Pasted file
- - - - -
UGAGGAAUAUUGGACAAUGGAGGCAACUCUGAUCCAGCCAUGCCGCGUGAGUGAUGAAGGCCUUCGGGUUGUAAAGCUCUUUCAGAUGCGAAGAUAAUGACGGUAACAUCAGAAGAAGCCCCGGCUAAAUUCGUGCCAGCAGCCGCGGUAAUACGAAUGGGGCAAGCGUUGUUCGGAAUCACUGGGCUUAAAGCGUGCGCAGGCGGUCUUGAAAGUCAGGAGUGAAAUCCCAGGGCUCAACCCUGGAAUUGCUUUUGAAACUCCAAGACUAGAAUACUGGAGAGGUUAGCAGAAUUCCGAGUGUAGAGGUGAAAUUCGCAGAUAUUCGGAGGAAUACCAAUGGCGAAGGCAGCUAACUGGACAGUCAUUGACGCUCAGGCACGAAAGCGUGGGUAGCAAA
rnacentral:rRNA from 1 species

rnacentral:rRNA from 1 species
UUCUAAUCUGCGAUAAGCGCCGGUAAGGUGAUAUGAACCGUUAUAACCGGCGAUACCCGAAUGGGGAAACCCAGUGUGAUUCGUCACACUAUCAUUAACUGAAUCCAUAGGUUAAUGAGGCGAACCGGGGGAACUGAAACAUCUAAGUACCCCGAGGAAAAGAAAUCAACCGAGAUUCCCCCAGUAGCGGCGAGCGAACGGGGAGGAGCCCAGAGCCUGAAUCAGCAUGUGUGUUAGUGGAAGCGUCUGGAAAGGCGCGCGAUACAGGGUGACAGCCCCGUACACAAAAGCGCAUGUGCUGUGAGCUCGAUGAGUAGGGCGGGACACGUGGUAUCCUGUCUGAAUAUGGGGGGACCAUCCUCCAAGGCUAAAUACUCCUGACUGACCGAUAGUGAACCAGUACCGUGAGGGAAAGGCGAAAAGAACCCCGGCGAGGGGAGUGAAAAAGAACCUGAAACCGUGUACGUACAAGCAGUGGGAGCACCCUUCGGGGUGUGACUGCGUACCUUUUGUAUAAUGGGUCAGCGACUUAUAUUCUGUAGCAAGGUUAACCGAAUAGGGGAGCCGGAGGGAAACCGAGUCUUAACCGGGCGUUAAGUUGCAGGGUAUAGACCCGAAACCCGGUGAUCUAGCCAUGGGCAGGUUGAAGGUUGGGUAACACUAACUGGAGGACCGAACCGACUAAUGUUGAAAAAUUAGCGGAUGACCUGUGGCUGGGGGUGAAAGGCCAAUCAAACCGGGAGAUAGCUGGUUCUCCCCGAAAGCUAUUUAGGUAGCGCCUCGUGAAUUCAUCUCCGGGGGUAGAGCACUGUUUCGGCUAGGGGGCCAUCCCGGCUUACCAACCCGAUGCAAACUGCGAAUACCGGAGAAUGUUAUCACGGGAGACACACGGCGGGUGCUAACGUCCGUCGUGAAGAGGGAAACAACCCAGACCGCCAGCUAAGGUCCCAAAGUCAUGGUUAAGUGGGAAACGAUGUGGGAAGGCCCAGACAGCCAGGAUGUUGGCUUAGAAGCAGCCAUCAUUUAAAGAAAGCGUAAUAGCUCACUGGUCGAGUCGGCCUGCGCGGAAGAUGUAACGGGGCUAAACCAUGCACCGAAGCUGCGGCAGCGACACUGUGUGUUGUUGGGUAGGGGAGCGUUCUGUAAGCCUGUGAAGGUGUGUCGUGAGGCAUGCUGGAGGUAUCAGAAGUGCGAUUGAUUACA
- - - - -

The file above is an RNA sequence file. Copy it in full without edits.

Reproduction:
UGAGGAAUAUUGGACAAUGGAGGCAACUCUGAUCCAGCCAUGCCGCGUGAGUGAUGAAGGCCUUCGGGUUGUAAAGCUCUUUCAGAUGCGAAGAUAAUGACGGUAACAUCAGAAGAAGCCCCGGCUAAAUUCGUGCCAGCAGCCGCGGUAAUACGAAUGGGGCAAGCGUUGUUCGGAAUCACUGGGCUUAAAGCGUGCGCAGGCGGUCUUGAAAGUCAGGAGUGAAAUCCCAGGGCUCAACCCUGGAAUUGCUUUUGAAACUCCAAGACUAGAAUACUGGAGAGGUUAGCAGAAUUCCGAGUGUAGAGGUGAAAUUCGCAGAUAUUCGGAGGAAUACCAAUGGCGAAGGCAGCUAACUGGACAGUCAUUGACGCUCAGGCACGAAAGCGUGGGUAGCAAA
rnacentral:rRNA from 1 species

rnacentral:rRNA from 1 species
UUCUAAUCUGCGAUAAGCGCCGGUAAGGUGAUAUGAACCGUUAUAACCGGCGAUACCCGAAUGGGGAAACCCAGUGUGAUUCGUCACACUAUCAUUAACUGAAUCCAUAGGUUAAUGAGGCGAACCGGGGGAACUGAAACAUCUAAGUACCCCGAGGAAAAGAAAUCAACCGAGAUUCCCCCAGUAGCGGCGAGCGAACGGGGAGGAGCCCAGAGCCUGAAUCAGCAUGUGUGUUAGUGGAAGCGUCUGGAAAGGCGCGCGAUACAGGGUGACAGCCCCGUACACAAAAGCGCAUGUGCUGUGAGCUCGAUGAGUAGGGCGGGACACGUGGUAUCCUGUCUGAAUAUGGGGGGACCAUCCUCCAAGGCUAAAUACUCCUGACUGACCGAUAGUGAACCAGUACCGUGAGGGAAAGGCGAAAAGAACCCCGGCGAGGGGAGUGAAAAAGAACCUGAAACCGUGUACGUACAAGCAGUGGGAGCACCCUUCGGGGUGUGACUGCGUACCUUUUGUAUAAUGGGUCAGCGACUUAUAUUCUGUAGCAAGGUUAACCGAAUAGGGGAGCCGGAGGGAAACCGAGUCUUAACCGGGCGUUAAGUUGCAGGGUAUAGACCCGAAACCCGGUGAUCUAGCCAUGGGCAGGUUGAAGGUUGGGUAACACUAACUGGAGGACCGAACCGACUAAUGUUGAAAAAUUAGCGGAUGACCUGUGGCUGGGGGUGAAAGGCCAAUCAAACCGGGAGAUAGCUGGUUCUCCCCGAAAGCUAUUUAGGUAGCGCCUCGUGAAUUCAUCUCCGGGGGUAGAGCACUGUUUCGGCUAGGGGGCCAUCCCGGCUUACCAACCCGAUGCAAACUGCGAAUACCGGAGAAUGUUAUCACGGGAGACACACGGCGGGUGCUAACGUCCGUCGUGAAGAGGGAAACAACCCAGACCGCCAGCUAAGGUCCCAAAGUCAUGGUUAAGUGGGAAACGAUGUGGGAAGGCCCAGACAGCCAGGAUGUUGGCUUAGAAGCAGCCAUCAUUUAAAGAAAGCGUAAUAGCUCACUGGUCGAGUCGGCCUGCGCGGAAGAUGUAACGGGGCUAAACCAUGCACCGAAGCUGCGGCAGCGACACUGUGUGUUGUUGGGUAGGGGAGCGUUCUGUAAGCCUGUGAAGGUGUGUCGUGAGGCAUGCUGGAGGUAUCAGAAGUGCGAUUGAUUACA